"And the said company further agree, that the person whose life is thus assured, may reside constantly anywhere within the limits of New England, or of the states of New York, New Jersey, Pennsylvania, and Ohio; and may travel and be in any other settled portions of the United States, or the British Provinces of Canada, New Brunswick, and Nova Scotia, under the restrictions and limitations hereinafter mentioned; provided, however, and this policy is entered into, and accepted, upon the following express conditions, namely;" (Here follow numerous conditions, and amongst others, the three following, upon the breach of the last of which the defence turned.)
"Or, if such person shall, without the consent of the company first had and indorsed upon this policy, go out of the settled limits of the United States, except into the settled limits of the British Provinces aforesaid;
"Or, if such person, without such consent so indorsed, shall, between the first day of June and the first day of November, go south of the thirty-eighth degree of north latitude;
" Or, if such person, without such consent so indorsed, shall, between the first day of July and the fifteenth day of October, go into any other portion of the United States, beyond the limits of constant residence permitted herein, and be in such other portions of the United States more than five days;" "in any and all such cases, this policy shall be void, and all payments thereon forfeited to said company; but in case of forfeiture from the above or any other cause, the party interested shall have the benefit of such equitable adjustment as may, from time to time, be provided for by the board of directors."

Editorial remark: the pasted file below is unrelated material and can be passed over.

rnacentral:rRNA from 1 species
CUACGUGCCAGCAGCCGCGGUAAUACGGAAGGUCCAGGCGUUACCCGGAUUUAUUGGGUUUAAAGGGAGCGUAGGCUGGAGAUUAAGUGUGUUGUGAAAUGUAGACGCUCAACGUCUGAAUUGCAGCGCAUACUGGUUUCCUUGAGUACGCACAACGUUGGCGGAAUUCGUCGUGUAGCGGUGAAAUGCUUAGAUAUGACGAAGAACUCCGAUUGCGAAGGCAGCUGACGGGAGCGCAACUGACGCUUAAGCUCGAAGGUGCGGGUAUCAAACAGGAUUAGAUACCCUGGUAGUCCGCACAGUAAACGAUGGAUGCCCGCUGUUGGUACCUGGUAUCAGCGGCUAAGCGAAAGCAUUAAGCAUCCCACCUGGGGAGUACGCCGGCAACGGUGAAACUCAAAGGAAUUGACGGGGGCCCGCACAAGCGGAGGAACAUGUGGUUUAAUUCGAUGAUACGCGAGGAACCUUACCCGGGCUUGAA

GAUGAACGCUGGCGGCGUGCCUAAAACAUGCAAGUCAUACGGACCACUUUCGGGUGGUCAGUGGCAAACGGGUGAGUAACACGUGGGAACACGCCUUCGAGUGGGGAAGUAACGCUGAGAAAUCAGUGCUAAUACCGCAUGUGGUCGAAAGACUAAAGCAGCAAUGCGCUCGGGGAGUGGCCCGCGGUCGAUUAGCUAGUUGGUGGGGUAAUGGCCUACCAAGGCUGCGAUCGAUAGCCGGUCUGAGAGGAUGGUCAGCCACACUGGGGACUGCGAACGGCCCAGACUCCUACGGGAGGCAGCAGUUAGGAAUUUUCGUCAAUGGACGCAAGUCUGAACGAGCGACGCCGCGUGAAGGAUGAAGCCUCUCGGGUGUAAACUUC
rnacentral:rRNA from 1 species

From its charter it appeared, that the defendant company embraced as members, shareholders of a guaranty stock to the amount of $100,000, as well as the persons whose lives were insured by it, amongst all whom the profits of the business were to be divided in a regulated mode, thus combining the features of an ordinary stock, with those of a mutual insurance company; and that the directors were to be elected, one half each, out of the two classes of members of the corporation, by the joint votes of the members of both classes.
It appeared that the visit of the bishop to Maryland, during which he died, was made without notice to or consent of the defendants; and that since his death, his executors had made an unsuccessful application to the board of directors of the insurance company for the whole or some portion of the sum insured, as a matter of equitable adjustment under the circumstances. The directors, however, voted to pay to the heirs of Bishop Henshaw, the office value for surrender of the policy, amounting to $169.65, of which they gave notice through their secretary, to the executors, by letter of the date of July, 1853, the offer contained in which vote had not however been accepted by the executors.
The case was shortly argued by T.A. Jenckes, for the plaintiffs, and by Abraham Payne, for the defendants.
Jenckes cited Anderson v. Fitzpatrick, 24 Eng. L. Eq. 1, (Lord St. Leonard's opinion, pp. 13 and 15,) and Bunyan on Life Insurance, p. 80, for the principle, that the language of the conditions of a policy is to be construed most strongly against the insurers, as their language, especially where, as in this case he contended it was, the condition was new and unusual; and relied upon the qualifying clause of the terms of forfeiture contained in the policy, as holding out an express promise of an equitable adjustment in case of forfeiture from the alleged, or any other cause, which in this case had not been kept by the company, and which he called upon the court to enforce; claiming as such, under the circumstances, the amount insured, with interest.